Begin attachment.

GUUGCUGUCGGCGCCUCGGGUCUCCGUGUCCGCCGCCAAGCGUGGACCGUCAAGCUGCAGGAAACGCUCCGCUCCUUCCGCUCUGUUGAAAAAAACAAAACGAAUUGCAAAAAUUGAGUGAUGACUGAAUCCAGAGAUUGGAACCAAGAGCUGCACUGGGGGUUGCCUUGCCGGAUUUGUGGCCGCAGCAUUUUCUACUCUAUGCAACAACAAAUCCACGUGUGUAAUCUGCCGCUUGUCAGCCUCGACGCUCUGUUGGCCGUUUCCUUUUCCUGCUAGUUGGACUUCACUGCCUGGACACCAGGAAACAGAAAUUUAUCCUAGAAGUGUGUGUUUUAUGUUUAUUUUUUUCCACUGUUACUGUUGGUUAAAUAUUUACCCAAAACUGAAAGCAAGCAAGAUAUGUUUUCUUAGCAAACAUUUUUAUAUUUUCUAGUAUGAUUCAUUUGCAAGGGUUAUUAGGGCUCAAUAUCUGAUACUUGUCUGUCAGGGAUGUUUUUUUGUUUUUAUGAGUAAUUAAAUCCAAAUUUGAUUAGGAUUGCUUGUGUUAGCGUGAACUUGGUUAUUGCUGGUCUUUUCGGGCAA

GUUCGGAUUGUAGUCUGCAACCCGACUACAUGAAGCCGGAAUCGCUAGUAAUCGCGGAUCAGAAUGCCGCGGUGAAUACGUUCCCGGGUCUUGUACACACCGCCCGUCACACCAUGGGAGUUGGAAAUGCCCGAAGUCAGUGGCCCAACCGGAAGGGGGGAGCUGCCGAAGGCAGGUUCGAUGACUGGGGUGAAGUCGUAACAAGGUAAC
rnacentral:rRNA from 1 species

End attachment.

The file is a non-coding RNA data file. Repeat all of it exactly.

GUUGCUGUCGGCGCCUCGGGUCUCCGUGUCCGCCGCCAAGCGUGGACCGUCAAGCUGCAGGAAACGCUCCGCUCCUUCCGCUCUGUUGAAAAAAACAAAACGAAUUGCAAAAAUUGAGUGAUGACUGAAUCCAGAGAUUGGAACCAAGAGCUGCACUGGGGGUUGCCUUGCCGGAUUUGUGGCCGCAGCAUUUUCUACUCUAUGCAACAACAAAUCCACGUGUGUAAUCUGCCGCUUGUCAGCCUCGACGCUCUGUUGGCCGUUUCCUUUUCCUGCUAGUUGGACUUCACUGCCUGGACACCAGGAAACAGAAAUUUAUCCUAGAAGUGUGUGUUUUAUGUUUAUUUUUUUCCACUGUUACUGUUGGUUAAAUAUUUACCCAAAACUGAAAGCAAGCAAGAUAUGUUUUCUUAGCAAACAUUUUUAUAUUUUCUAGUAUGAUUCAUUUGCAAGGGUUAUUAGGGCUCAAUAUCUGAUACUUGUCUGUCAGGGAUGUUUUUUUGUUUUUAUGAGUAAUUAAAUCCAAAUUUGAUUAGGAUUGCUUGUGUUAGCGUGAACUUGGUUAUUGCUGGUCUUUUCGGGCAA

GUUCGGAUUGUAGUCUGCAACCCGACUACAUGAAGCCGGAAUCGCUAGUAAUCGCGGAUCAGAAUGCCGCGGUGAAUACGUUCCCGGGUCUUGUACACACCGCCCGUCACACCAUGGGAGUUGGAAAUGCCCGAAGUCAGUGGCCCAACCGGAAGGGGGGAGCUGCCGAAGGCAGGUUCGAUGACUGGGGUGAAGUCGUAACAAGGUAAC
rnacentral:rRNA from 1 species